RAW 264.7 murine macrophages, were purchased from ATCC (Manassas, VA). Cells were cultured in Dulbecco’s modified Eagle medium (DMEM) supplemented with 10% heat-inactivated fetal calf serum and antibiotics (streptomycin, 10 mg/mL; penicillin G, 10,000 IU/mL) at 37 °C in a humidified atmosphere of 5% CO2/95% air. Cells were exposed for 6, 24 or 48 h to 50 μg/mL CNT prepared by dispersion of the dry material sample in serum-free cell culture medium. For homogenization purpose, the CNT suspensions were sonicated and vortexed just before cell exposure. Culture medium alone was used as a control. In a subset of experiments, cells were treated with Concanamycin (Conca, 10 nM; Sigma-Aldrich) or Lysosensor DND-189 (10 μM; Thermo Fisher Scientific) 2 h prior to the end of CNT exposure.
For Raman spectroscopy analysis, at the end of cell exposure, the cell supernatant was recovered, and cells were washed three times in PBS. This washing solution was added to the supernatant, centrifuged at 6000 rpm for 15 min and washed 3 times with 10 mL of ultrapure water to obtain a CNT pellet (SN fraction). To obtain the CNT pellet from the Cell fraction, cells attached to the cell culture dish were also washed 3 times with 10 mL of ultrapure water and centrifuged at 6000 rpm for 15 min (Cell fraction). A few drops of each CNT pellet (obtained from Cell and SN fractions) were deposited on a glass slide and dried in an oven at 100 °C for further analysis by Raman spectroscopy.
Transmission electron microscopy
Samples were analyzed using TEM (JEOL microscope, Japan) to observe cells and cell components exposed to 50 μg/mL CNT for 6 h. Ultra-thin sections (90 nm) of the cell samples were prepared as previously described  and deposited on a Cu grid covered with thin carbon film. Grids were observed at 80 kV.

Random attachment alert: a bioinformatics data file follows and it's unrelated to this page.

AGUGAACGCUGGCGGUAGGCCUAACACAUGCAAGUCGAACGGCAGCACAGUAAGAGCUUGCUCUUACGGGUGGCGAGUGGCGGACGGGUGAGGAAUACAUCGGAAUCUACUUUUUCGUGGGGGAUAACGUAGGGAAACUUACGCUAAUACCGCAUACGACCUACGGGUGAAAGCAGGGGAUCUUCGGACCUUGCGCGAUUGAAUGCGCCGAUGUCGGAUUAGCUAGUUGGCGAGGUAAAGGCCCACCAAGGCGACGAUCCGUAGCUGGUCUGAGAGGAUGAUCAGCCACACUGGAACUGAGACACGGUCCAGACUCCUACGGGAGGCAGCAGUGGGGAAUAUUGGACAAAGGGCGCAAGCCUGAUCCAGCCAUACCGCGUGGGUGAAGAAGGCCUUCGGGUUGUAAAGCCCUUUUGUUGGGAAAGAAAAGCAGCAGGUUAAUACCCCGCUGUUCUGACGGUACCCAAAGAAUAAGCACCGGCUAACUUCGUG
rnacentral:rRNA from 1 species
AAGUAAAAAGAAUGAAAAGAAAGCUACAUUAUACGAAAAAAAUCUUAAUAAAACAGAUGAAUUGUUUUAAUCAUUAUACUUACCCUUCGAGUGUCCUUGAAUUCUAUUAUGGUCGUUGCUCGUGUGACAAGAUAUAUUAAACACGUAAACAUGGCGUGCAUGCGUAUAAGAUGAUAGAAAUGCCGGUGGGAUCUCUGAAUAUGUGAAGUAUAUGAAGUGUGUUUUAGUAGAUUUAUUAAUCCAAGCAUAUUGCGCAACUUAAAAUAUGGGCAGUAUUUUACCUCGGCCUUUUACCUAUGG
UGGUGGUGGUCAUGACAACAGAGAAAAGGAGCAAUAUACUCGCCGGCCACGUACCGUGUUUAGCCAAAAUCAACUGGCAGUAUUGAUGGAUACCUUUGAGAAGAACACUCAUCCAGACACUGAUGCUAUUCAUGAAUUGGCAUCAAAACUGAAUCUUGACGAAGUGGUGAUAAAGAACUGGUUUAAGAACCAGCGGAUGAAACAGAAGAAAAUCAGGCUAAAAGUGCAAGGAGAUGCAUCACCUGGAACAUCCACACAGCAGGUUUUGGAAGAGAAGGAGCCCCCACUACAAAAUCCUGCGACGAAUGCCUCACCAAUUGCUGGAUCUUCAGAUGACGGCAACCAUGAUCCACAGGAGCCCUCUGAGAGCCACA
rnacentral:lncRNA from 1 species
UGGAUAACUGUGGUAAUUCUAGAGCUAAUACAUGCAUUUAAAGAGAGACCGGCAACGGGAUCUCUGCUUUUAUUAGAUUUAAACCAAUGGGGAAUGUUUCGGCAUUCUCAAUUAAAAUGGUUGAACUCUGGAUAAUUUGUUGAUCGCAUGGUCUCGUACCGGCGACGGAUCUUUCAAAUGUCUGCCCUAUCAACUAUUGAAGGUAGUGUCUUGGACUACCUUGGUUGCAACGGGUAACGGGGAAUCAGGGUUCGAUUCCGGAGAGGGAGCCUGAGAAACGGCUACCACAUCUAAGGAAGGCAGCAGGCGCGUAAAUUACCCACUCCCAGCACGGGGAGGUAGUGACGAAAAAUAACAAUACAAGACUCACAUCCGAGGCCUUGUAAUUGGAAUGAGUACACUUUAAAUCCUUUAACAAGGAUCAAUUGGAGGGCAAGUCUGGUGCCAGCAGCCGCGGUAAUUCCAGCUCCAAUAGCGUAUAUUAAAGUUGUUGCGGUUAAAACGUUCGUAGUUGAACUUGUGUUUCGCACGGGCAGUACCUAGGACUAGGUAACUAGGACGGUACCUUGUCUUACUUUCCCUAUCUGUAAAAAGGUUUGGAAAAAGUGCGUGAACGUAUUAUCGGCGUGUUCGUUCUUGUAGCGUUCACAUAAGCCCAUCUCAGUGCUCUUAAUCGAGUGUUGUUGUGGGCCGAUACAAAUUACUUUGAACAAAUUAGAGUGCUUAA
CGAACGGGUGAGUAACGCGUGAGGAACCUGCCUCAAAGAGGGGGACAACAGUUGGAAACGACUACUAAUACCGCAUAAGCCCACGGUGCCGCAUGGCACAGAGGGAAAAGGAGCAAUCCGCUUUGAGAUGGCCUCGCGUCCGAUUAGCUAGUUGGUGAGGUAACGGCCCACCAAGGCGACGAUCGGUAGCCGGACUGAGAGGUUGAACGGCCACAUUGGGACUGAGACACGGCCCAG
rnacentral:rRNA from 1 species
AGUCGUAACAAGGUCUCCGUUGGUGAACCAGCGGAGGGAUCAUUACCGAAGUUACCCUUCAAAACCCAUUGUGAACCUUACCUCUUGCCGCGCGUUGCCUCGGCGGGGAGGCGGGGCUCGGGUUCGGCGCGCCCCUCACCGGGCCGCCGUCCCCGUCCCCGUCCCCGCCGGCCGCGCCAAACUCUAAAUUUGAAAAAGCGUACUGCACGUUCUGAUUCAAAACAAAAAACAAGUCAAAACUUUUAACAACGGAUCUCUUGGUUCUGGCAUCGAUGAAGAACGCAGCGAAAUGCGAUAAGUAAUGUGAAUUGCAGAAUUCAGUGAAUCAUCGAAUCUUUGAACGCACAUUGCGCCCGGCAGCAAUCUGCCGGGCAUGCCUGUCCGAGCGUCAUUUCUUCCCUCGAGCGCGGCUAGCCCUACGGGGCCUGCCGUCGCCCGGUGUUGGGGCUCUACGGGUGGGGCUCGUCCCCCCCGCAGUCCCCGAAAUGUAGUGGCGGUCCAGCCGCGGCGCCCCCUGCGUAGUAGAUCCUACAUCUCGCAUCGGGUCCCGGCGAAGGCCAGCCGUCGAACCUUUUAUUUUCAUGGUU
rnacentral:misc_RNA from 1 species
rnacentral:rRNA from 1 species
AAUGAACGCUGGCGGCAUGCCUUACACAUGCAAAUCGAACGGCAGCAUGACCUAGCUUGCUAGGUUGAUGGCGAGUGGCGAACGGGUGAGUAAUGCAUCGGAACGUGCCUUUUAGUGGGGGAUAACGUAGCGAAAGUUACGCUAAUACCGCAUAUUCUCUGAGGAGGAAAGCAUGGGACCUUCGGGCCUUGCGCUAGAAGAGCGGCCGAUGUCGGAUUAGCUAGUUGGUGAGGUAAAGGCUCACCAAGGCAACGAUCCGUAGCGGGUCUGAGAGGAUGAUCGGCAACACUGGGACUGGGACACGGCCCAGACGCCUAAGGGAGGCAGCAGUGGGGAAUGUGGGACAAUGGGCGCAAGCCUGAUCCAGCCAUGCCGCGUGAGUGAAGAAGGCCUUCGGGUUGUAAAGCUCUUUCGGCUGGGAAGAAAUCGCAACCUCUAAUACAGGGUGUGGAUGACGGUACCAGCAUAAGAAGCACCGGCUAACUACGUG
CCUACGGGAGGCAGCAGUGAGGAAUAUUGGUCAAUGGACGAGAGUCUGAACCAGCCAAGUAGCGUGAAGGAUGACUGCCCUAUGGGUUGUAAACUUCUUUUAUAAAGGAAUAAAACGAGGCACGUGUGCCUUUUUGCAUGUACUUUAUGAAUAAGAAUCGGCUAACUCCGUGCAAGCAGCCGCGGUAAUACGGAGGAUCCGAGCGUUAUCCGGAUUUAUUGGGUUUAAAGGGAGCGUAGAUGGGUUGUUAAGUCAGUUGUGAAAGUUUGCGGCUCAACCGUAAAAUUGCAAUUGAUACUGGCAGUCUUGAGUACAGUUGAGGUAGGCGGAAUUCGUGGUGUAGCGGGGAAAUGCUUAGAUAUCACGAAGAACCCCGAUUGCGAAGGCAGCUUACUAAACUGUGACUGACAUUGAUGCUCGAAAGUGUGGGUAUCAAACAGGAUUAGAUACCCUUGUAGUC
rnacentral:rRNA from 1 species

RAW 264.7 cells were exposed to 10 μg/mL CNT for 6, 24 or 48 h, and Lysosensr DND-189 (10 μM, Lifetechnologies) was added for the last 2 h. After exposure, the cells were fixed and the fluorescence images were digitally acquired on a Zeiss Axio Imager M2 (Carl Zeiss). Fluorescence intensity was quantified (arbitrary units) in at least 20 different cells per condition.
Otherwise mentioned, each value is given as the mean ± standard error of the mean (SEM) of at least 3 experiments performed in triplicate. Data were analyzed with the GraphPad Prism 5.01 software (La Jolla, CA). Comparisons between multiple groups were performed using Kruskall–Wallis’ non-parametric analysis of variance test followed, when a difference was detected, by two-by-two comparisons with Dunn’s multiple comparisons test. P-values <0.05 were considered significant.
Catalytic chemical vapor deposition
Multiwalled carbon nanotubes
Scanning electron microscopy
Singlewalled carbon nanotubes
Transmission electron microscopy
X-ray-induced photoelectron spectroscopy
This work was supported by funds from INSERM, Agence Nationale de la Recherche (grant ANR-13-CESA-0010-01), and Université Paris Est-Créteil. Marion Landry was a fellow from Agence nationale de sécurité sanitaire de l’alimentation, de l’environnement et du travail (ANSES). Stéphane Tchankouo was a fellow from the Institut Thématique Multi-Organismes (ITMO) Physiopathologie, métabolisme et nutrition. This work also received the support of Labex SERENADE 11-LABX-0064 and DHU A-TVB (Département Hospitalo-Universitaire Ageing-Thorax-Vessel-Blood).
Availability of data and materials
The dataset supporting the conclusions of this article is included within the article and its additional files.
ML performed the experimental work, analyze data and wrote the first draft of the manuscript. ST, EC and AR helped in the experimental work. ML, MP and MM performed the particle synthesis and characterization. JB, MM and SL critically reviewed the manuscript and worked on its final elaboration. All the authors have read and approved final manuscript.
The authors declare that they have no competing interests.
Consent for publication